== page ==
We agreed that the key change in our process would be what we call "The Rooney Rule Plus" (RR+). What RR+ means is that before a hiring manager can make an offer to any candidate, that hiring manager has to have interviewed (final stage/onsite) two candidates who fit our defined diverse candidate pools (Women & URMs). We also agreed that there could be no exceptions to this rule for it to be effective.
Part and parcel of the RR+ was the understanding that we would never "force" a hiring manager to hire anyone. The process was built simply to ensure that a hiring manager had to see a diverse slate of candidates before making a decision, and the belief that with that information we would naturally see more offers going to diverse candidates.
In addition, we launched interview training for the entire company on the foundations for behavioral interviewing, well known to help reduce bias. We structured our interview process to ensure the same questions would be asked of every candidate for every role — also foundational in overcoming bias. We even launched a training dedicated to the responsibilities around being a hiring manager, with further reinforcement around the importance of diversity and sourcing for diverse candidates.
From a recruiting standpoint, we opened up new candidate pools by doing everything from targeting new geos (and being open to remote workers) and Historically Black Colleges and Universities (HBCUs), to finding different organizations and professional associations centered around the candidate pools we were after. We partner with companies that focus on blind interviewing like interviewing.io to recruiting platforms centered around women in tech like PowerToFly. We push our hiring managers to be active in the sourcing process, and have even experimented with Boolean strings that filter out the most common male names. We host referral drives dedicated solely to surfacing diverse candidates. We continue to iterate and explore new things as best we can.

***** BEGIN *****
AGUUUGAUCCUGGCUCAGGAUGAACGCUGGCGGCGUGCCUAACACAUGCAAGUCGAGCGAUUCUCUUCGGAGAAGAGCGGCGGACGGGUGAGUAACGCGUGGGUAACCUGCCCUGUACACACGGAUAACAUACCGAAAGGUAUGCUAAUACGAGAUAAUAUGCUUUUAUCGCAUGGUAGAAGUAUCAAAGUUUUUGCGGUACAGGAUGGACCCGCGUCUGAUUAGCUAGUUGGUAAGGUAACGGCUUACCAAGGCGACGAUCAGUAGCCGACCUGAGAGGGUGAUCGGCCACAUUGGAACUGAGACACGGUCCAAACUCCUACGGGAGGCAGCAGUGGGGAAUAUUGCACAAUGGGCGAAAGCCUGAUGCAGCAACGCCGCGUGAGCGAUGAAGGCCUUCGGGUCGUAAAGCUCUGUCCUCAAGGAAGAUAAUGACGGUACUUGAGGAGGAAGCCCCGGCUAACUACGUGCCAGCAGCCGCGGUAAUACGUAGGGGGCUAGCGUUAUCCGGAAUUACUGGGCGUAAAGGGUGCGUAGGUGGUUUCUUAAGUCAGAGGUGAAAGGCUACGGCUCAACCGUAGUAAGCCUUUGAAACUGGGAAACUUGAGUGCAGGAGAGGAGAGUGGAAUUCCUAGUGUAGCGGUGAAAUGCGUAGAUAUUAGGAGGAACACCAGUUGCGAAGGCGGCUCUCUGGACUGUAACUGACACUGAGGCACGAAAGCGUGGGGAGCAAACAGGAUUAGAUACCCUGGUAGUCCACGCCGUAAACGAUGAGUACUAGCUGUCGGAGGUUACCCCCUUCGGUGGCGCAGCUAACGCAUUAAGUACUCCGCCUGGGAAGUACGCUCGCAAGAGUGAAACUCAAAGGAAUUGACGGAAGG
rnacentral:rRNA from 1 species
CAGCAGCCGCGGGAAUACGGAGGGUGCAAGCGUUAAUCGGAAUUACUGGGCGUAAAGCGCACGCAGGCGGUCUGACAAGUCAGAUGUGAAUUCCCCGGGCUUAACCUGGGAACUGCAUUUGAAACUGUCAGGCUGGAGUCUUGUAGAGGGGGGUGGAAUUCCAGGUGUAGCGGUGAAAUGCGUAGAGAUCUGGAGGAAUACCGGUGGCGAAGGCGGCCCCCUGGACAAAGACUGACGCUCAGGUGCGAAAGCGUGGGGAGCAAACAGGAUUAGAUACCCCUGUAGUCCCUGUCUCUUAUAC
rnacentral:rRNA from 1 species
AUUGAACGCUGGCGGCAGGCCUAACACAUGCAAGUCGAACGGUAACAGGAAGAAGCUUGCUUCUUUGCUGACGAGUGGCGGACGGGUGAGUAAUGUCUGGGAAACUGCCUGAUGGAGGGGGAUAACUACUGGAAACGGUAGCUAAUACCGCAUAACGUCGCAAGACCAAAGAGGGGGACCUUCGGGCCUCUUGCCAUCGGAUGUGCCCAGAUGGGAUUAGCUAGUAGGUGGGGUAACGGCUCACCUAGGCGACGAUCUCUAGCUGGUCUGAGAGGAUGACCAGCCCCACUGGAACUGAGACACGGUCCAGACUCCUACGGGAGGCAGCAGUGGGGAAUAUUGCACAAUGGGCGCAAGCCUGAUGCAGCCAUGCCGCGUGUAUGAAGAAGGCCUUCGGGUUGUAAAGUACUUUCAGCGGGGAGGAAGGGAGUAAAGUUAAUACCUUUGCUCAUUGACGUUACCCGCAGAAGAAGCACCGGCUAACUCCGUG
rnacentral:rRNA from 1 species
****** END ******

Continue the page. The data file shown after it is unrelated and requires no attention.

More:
The results (thus far)
What we've found thus far is that we've been able to maintain our pace without a huge loss to our hiring velocity. The amazing work done by everyone from hiring managers, interviewers, executives and recruiters has allowed for this. And while we still have a lot of time left in the year, we've had our biggest hiring quarter to date and we're again on pace to surpass that with great diversity hiring numbers YTD! (Look forward to sharing year end results of our work later this year)
And while we still have a long road ahead of us, I'm incredibly proud to work for a company that cares about the right things, and isn't afraid to do it the hard way. (aka the only way)
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After discovering what really made me happy (making bagels from scratch) and what made me not so happy (how I felt after eating a ton of bagels from scratch), and my savings started to dwindle, I decided I needed to figure out how to get back to work after my career break.